In praise of small books with big hearts and minds, I have begun collecting novellas that alter the shape of the world by inches, degrees, and so subtly readers barely realize they are standing on shifting earth.
Max Porter’s Grief is a Think with Feathers is one of those little books that nudges and prods even as the reader tries to fall asleep and begins dreaming about surely crows, nonsensical, huge talking black birds whose foreign ideas begin to creep in like a Ted Hughes’ crow poem. How Crow comforts a grieving family is as much a mystery as death itself.
Inaccurately labeled a novel out of fear of the novella genre-buying audience perhaps, this is a heavy card-sized book about survival after the loss of a woman, a wife, a mother, not the Teho Teardo CD, unfortunately, of the same name. Porter’s book is also a hybrid of sorts, sections of it reading as poem but always affecting.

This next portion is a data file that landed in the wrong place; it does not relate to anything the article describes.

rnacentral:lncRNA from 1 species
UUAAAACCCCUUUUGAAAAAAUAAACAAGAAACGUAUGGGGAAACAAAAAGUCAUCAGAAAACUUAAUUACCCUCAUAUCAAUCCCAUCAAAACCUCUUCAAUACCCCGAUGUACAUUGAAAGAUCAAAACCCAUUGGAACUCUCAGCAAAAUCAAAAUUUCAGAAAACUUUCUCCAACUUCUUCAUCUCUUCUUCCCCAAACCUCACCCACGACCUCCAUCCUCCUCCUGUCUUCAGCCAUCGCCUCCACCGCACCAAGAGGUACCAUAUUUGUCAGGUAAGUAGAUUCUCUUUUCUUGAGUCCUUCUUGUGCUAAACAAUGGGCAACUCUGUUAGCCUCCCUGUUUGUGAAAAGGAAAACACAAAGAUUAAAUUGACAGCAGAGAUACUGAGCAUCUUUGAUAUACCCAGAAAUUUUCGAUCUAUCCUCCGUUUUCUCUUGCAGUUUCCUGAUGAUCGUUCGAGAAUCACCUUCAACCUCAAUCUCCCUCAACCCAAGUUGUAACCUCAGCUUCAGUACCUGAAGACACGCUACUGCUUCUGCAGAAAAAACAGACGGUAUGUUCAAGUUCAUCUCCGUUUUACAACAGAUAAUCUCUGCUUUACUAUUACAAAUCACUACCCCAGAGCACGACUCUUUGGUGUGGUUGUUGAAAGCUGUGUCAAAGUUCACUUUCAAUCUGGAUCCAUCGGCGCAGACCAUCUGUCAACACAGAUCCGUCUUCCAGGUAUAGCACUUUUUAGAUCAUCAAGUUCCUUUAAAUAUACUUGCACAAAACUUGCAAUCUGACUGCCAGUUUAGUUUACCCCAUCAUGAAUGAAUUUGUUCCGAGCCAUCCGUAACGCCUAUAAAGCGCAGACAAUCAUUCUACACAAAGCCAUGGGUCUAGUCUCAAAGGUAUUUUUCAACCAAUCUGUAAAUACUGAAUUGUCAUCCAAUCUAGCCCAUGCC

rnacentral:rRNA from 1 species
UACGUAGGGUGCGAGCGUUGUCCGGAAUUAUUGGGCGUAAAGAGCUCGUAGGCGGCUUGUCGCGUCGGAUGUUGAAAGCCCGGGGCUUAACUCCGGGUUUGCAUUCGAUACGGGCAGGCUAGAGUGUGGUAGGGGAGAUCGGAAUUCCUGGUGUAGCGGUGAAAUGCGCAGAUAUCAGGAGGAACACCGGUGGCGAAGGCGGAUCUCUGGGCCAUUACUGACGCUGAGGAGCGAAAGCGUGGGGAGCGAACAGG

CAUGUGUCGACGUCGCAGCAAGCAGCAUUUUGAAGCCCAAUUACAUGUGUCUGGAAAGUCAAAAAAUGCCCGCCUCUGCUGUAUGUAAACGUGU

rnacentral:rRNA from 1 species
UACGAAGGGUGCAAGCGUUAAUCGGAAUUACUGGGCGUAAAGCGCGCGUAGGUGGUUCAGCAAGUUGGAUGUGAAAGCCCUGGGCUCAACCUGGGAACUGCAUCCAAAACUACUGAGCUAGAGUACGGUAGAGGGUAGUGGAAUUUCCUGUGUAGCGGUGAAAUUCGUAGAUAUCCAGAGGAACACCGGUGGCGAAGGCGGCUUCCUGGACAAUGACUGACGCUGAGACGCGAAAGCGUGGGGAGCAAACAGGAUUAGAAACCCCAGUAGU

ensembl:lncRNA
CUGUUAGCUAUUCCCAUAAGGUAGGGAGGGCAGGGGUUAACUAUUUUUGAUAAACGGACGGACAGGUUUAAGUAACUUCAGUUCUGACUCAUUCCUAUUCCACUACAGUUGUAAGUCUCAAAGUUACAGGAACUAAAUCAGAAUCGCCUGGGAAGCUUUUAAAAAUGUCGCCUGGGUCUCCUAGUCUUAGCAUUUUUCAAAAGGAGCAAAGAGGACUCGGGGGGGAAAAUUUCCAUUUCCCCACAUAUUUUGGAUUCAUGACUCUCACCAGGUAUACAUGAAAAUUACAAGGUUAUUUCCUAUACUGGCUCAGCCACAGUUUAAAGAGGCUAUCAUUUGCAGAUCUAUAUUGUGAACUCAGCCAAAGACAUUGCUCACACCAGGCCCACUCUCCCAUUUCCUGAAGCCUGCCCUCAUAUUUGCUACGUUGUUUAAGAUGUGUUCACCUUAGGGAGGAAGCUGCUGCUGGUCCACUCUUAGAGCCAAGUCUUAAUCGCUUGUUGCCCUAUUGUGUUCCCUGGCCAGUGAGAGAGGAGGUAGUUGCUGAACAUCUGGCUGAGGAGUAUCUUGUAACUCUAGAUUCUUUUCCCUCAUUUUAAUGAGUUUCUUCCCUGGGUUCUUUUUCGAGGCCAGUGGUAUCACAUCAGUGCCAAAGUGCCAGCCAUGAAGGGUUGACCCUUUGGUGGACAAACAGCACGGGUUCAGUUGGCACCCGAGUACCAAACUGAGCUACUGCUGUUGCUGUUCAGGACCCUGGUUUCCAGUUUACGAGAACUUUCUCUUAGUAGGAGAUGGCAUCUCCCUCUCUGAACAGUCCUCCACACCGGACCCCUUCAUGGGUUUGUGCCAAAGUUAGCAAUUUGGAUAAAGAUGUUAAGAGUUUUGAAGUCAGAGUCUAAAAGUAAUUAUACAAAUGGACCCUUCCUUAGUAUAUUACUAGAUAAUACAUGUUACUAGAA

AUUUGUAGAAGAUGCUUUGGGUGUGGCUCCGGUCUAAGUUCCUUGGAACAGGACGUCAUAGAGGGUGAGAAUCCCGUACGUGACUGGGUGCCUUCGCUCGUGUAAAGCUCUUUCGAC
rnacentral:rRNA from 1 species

There are plenty of classics in the novella category, like George Orwell’s Animal Farm and Bonjour Tristesse by Francoise Sagan; Giovannia’s Room by James Baldwin and Of Mice and Men by James Steinbeck; One Day in the Life of Ivan Denisovich by Solzhenitsyn. Ragnarok by A.S. Byatt, The Awakening by Kate Chopin, The House on Mango Street by Sandra Cisneros, The Stranger by Albert Camus, Wide Sargasso Sea by Jean Rhys, Chronicle of a Death Foretold by Gabriel Garcia Marquez, The Heart of Darkness by Joseph Conrad and The Old Man and The Sea by Hemingway.
With these and so many other mysterious, wondrous novellas, it is strange that publishers shy away from the form, dictate unnecessarily the length of a novel as 80,000 – 100,000 words. Readers know these parameters are only adhered to by writers without agents, writers still struggling to gain audience in a partially-closed publishing industry. Try writing or reading in these shorter forms.